Madden, Julie E.
University of Tennessee at Chattanooga
Place of Publication
The American Psychological Association has identified immigrant families as a vulnerable population, whose access to mental healthcare is impacted by numerous barriers (DeAngelis, 2023). Within these communities there is a need for mental health resources, but due to the many barriers these communities face they are often left without care. In this literature review, I will identify the mental health needs, and the barriers that each member of the family (e.g., mothers, children, and fathers) uniquely faces. The discussion will review how these barriers are currently being addressed, specifically looking at changes within practices, use of logotherapy, and changing the point of access can have an impact on removing barriers of access. The conclusion will give recommendations as to how current work can be improved, as well as considering underutilized resources that can assist in connecting these individuals to the available resources. Through recognizing these barriers, steps can be made to remove and address the barriers within the community.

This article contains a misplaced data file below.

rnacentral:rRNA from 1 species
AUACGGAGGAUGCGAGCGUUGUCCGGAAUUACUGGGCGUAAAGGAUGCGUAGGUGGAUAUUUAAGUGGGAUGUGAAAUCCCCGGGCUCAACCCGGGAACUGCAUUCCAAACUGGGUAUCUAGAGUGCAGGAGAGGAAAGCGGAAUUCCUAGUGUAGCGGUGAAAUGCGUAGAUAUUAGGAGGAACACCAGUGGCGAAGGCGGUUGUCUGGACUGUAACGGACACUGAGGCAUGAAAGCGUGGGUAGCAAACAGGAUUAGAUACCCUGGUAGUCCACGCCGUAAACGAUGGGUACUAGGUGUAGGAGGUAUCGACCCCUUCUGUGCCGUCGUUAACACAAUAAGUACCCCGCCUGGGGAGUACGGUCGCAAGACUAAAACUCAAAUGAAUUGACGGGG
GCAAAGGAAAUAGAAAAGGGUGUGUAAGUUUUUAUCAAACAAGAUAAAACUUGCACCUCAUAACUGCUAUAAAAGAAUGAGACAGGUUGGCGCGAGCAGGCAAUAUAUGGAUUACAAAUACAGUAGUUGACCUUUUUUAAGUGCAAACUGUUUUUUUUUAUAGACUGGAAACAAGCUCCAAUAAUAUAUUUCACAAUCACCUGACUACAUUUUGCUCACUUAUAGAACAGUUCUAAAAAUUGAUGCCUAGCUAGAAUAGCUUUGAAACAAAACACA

B. S.; An honors thesis submitted to the faculty of the University of Tennessee at Chattanooga in partial fulfillment of the requirements of the degree of Bachelor of Science.
Immigrant women--Mental health--United States; Immigrant children--Mental health--United States; Immigrant families--Mental health--United States
Mental and Social Health
Pickett, Alisa, "Barriers in immigrant mental healthcare: women, children and fathers" (2023). Honors Theses.